Reusing textiles – environmental impact 08-02-2023
Reusing textiles – environmental impact
-Reusing textiles has 70x less environmental impact: European study
Reuse of textiles has 70 times lower impact on environment as compared to producing new clothing, a new life-cycle assessment (LCA) commissioned by the European textile reuse and recycling industry has confirmed. The study revealed that a substantial 3 kg of carbon dioxide (CO2) is saved for each high or medium-quality clothing that is reused.
Only a mere 0.01 per cent of the water used to produce new clothing is required for reuse, the study further stated.
These results come on the back of the European Union (EU) launching its strategy for sustainable textiles just a few months ago and requirements for member states to start collecting textiles separately by 2025, European Recycling Industries’ Confederation (EuRIC) said in a press release. Reusing textiles – environmental impact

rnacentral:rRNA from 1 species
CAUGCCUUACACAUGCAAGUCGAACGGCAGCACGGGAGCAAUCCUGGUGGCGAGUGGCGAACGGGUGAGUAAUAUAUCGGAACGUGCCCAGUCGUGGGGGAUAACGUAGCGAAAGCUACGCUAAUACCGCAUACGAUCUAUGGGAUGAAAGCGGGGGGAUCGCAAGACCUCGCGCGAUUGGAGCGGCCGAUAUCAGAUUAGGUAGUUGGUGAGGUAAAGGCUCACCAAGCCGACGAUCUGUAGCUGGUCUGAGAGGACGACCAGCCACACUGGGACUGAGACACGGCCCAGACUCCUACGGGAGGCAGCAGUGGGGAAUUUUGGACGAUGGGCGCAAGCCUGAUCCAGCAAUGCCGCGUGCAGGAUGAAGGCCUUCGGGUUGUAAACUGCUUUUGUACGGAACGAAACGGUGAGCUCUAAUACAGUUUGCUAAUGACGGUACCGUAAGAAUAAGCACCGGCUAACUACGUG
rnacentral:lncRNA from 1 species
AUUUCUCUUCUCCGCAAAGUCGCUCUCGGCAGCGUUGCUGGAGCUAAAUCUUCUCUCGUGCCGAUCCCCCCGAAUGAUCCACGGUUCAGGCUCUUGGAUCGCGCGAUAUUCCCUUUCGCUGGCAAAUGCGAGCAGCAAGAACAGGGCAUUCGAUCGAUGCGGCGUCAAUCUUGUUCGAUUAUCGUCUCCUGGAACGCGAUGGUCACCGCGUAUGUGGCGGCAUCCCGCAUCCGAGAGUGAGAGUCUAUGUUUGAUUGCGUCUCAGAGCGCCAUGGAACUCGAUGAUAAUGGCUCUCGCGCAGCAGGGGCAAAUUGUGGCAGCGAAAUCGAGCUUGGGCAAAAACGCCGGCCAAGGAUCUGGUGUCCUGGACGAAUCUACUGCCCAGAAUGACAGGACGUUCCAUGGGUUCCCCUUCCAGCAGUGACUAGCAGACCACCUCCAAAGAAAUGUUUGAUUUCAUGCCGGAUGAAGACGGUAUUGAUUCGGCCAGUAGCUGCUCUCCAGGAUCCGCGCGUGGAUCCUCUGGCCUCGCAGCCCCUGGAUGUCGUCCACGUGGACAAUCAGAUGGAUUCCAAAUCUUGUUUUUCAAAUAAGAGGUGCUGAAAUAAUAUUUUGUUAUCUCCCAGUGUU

While the study confirms waste hierarchy assumptions on the environmental benefits of reuse over recycling, in the case of low-quality clothing, typically entirely composed of polyester, recycling also has comparative environmental benefits when consumers are less likely to purchase second-hand clothing.
The study also emphasised recommendations to policymakers, calling for initiatives that accelerate investments in state-of-the-art textile recycling facilities globally. In particular, innovation in fibre-to-fibre recycling will be key to keep textile fibres in the loop as volumes of non-reusable clothing are set to dramatically increase. The study also notes the importance of eco-design criteria that enhance the lifespan of clothing before there is a need for recycling as well as rules that mandate detailed sorting of high or medium-quality and low-quality textiles. Reusing textiles – environmental impact
“Regrettably, around 62 per cent of used clothing and textiles end up in household waste meaning valuable textiles are likely to be incinerated or landfilled. The European textile reuse and recycling industry envisages a circular textile value chain where every piece of clothing is reused in an optimal way and/or recycled,” said Mariska Boer, president of EuRIC Textiles. “This study endorses the environmental benefits of a global market for textile reuse and recycling’s potential to tackle the rising amounts of low-quality and non-reusable clothing.”